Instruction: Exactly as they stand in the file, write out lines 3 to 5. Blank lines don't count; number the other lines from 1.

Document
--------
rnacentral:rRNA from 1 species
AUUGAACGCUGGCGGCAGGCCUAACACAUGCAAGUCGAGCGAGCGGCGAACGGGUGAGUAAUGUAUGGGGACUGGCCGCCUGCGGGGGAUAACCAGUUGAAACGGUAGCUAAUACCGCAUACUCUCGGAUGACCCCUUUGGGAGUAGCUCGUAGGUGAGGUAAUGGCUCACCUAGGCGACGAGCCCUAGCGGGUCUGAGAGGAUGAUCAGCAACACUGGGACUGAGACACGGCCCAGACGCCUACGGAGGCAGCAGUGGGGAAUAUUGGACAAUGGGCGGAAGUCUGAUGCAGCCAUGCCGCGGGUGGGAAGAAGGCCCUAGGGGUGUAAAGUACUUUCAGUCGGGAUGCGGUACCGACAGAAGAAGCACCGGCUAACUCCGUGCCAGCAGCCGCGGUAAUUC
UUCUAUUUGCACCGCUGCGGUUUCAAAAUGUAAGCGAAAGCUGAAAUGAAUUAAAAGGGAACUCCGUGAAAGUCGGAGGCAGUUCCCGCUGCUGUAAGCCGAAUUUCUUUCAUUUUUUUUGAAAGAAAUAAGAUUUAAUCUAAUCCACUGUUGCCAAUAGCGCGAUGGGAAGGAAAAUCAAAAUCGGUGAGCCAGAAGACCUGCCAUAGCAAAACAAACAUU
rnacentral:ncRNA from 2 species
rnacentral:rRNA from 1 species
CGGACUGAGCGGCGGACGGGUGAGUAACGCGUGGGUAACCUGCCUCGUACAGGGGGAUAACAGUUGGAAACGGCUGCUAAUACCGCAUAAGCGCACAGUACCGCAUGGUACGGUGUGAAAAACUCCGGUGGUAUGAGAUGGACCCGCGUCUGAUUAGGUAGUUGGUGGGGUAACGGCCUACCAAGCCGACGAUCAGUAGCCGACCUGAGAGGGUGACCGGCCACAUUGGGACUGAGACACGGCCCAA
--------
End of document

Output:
UUCUAUUUGCACCGCUGCGGUUUCAAAAUGUAAGCGAAAGCUGAAAUGAAUUAAAAGGGAACUCCGUGAAAGUCGGAGGCAGUUCCCGCUGCUGUAAGCCGAAUUUCUUUCAUUUUUUUUGAAAGAAAUAAGAUUUAAUCUAAUCCACUGUUGCCAAUAGCGCGAUGGGAAGGAAAAUCAAAAUCGGUGAGCCAGAAGACCUGCCAUAGCAAAACAAACAUU
rnacentral:ncRNA from 2 species
rnacentral:rRNA from 1 species